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Calcaneal osteotomy for the treatment of plantar fasciitis.

BACKGROUND: Plantar fascia release is the main procedure for plantar fasciitis which does not respond to conservative treatment. However, this procedure is sometimes accompanied by lateral column pain due to loss of the longitudinal arch height after surgery. To avoid this complication, we performed calcaneal osteotomy. The aim of this study was to clarify the efficacy of this procedure.

METHODS: A retrospective clinical and radiographic study was conducted for 11 patients (11 feet) who had undergone calcaneal osteotomy for the treatment of intractable plantar fasciitis. Three of the patients were males and eight were females, with an average age of 46 (range 24-70) years. Calcaneal osteotomy was performed from 1 cm anterior of the calcaneal attachment of the plantar fascia to 1 cm anterior of the calcaneal attachment of the Achilles tendon, and the proximal fragment was displaced approximately 5 mm in the plantar direction. The patients with a pronated foot before surgery underwent an additional approximately 5 mm medial displacement of the proximal fragment.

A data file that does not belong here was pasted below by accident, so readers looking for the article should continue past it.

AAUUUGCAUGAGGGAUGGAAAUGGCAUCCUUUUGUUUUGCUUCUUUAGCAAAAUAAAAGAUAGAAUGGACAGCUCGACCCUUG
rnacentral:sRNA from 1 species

RESULT: Significant improvement was seen between the American Orthopaedic Foot and Ankle Society Ankle-Hindfoot score before surgery and at final follow-up (P < 0.0001). With regard to the radiographic parameters which evaluated longitudinal arch height, significant improvement was seen between the talar pitch (P = 0.0002), calcaneal plantar angle (P < 0.0001) and lateral talocalcaneal angle (P = 0.0251) before and at 2 years after surgery. One patient with severe pes planus before surgery showed poor clinical and radiographic results.

CONCLUSIONS: This procedure can bring about good results in patients who do not have severe pes planus.

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